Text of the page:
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If it appears obvious that the BBC now needs to purge its management, however, consider the sequel, and understand why reporters don't find the Sahara gag funny when they become editors. Entwistle did not lose his job just because of Savile. Stung by accusations of cowardice, Newsnight lost its mind. It brought in an outsider from the Bureau of Investigative Journalism, who said, without quite naming him, that Lord McAlpine, a Tory peer, was involved in a child abuse scandal in North Wales — an accusation that was completely false. The BBC could have done with an interfering manager intervening at that moment.

Because the lessons of the fall of Entwistle pull in different directions, Tony Hall may decide to do nothing. If he does, he will show that he does not understand why British media managers increasingly seem like lost souls. They still live in the world of the 1980s. The old respect for high-bourgeois culture went then. In television, the end of the BBC-ITV duopoly meant that educated producers could no longer say that viewers had to want what they got. In the new multi-channel age the viewers had the means to get what they wanted; and if they did not want worthy programmes then worthy programmes would have to go.

The dumbing down of television began. It was not a wholly malign affair to begin with, but looks a tired idea now. The managers of the BBC, ITV, Sky and, most egregiously, Channel 4, find it hard to produce honest programmes because they have been trained to be phonies, with a professional duty to pretend to be something they are not. They have lost sight of the obvious fact that if you are going to make a drama, soap opera, news report or documentary you must do so wholeheartedly and without embarrassment, or not make it at all. Half- measures lead to half-baked programmes.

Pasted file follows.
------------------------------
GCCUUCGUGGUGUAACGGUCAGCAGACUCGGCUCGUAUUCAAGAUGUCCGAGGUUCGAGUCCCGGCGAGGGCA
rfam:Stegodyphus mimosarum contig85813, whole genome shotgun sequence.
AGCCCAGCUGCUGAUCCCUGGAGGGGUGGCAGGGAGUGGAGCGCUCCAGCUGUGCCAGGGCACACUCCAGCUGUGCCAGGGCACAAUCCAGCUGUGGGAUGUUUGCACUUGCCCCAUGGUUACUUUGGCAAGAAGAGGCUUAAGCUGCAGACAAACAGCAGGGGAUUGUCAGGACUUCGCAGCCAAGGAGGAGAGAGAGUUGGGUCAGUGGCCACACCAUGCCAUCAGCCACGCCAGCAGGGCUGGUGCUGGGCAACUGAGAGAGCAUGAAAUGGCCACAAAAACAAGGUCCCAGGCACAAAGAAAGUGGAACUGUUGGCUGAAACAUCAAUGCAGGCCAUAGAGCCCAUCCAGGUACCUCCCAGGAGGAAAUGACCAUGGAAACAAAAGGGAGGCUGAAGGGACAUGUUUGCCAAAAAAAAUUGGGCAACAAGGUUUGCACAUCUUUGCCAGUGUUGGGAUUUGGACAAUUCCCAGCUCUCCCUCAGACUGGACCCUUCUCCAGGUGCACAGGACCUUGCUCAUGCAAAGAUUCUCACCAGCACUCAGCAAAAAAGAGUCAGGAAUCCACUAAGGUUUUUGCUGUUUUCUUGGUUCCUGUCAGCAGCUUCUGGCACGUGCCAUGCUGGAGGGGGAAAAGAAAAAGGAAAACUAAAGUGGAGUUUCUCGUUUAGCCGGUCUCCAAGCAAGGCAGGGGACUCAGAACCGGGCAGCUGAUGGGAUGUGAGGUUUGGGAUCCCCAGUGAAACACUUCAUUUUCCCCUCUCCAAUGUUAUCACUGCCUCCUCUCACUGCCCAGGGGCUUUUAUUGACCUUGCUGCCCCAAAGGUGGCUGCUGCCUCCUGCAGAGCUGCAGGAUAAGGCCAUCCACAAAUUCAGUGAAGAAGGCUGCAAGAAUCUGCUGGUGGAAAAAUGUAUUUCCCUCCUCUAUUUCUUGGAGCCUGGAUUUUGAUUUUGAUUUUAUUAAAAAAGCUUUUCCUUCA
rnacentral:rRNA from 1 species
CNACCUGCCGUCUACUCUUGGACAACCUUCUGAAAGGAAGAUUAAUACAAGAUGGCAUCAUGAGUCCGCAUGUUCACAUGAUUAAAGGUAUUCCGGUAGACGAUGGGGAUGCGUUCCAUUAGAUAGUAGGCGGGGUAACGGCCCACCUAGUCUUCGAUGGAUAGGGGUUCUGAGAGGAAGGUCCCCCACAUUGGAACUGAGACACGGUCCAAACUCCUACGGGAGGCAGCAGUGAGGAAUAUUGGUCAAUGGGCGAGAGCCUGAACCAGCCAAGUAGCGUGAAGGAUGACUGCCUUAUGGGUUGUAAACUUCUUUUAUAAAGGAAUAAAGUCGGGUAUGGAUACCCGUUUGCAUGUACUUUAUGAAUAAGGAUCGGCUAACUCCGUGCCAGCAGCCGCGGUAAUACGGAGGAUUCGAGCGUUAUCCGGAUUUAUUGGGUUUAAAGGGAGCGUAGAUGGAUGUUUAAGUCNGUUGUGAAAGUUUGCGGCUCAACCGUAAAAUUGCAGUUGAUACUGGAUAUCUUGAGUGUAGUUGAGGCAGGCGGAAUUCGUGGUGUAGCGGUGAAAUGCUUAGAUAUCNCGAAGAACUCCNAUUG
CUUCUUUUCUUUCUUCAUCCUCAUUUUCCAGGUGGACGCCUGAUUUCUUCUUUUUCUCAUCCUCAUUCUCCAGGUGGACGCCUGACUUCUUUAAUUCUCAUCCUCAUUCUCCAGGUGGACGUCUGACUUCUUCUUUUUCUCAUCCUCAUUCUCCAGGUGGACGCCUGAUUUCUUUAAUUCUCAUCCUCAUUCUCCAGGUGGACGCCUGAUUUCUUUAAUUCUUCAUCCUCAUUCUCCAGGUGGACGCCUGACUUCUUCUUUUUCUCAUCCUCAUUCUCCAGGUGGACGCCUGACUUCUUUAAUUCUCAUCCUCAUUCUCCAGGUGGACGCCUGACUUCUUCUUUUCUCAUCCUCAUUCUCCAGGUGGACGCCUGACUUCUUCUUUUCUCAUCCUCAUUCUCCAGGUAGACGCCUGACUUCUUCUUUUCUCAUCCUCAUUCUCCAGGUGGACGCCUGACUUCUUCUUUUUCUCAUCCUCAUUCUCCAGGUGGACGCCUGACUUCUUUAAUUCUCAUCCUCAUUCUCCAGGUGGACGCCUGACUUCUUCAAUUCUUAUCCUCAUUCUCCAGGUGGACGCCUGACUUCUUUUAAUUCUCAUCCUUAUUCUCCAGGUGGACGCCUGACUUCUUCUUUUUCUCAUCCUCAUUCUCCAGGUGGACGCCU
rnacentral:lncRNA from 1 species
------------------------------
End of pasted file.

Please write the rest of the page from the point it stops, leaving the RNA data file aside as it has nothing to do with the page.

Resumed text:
Look at the news. BBC television wants to produce serious journalism. Indeed it has a duty to produce it. But managers stuck in the 1980s insist that the BBC and Sky rolling news services concentrate on domestic stories, human interest and crime. Many people, notably immigrants, prefer to watch news from abroad on satellite and the internet as British television no longer covers the world — a cultural shift that makes integration far harder. The McAlpine fiasco is explained in part by the BBC's decision to so hack back on Newsnight's budget that its editors were reduced to bringing in a dubious freelance. The BBC wants a flagship current affairs programme, but is not prepared to pay for it. The result is that people who want serious journalism watch Channel 4 News.

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May 16th, 2013
12:05 PM
You know there's something changing in the world when the editor of the Jewish Chronicle is advising us to switch from BBC News to Al Jazeera. (

May 1st, 2013
11:05 AM
Was Jimmy Savile's pederasty common knowledge in media circles? Why did that story take so long to come out?

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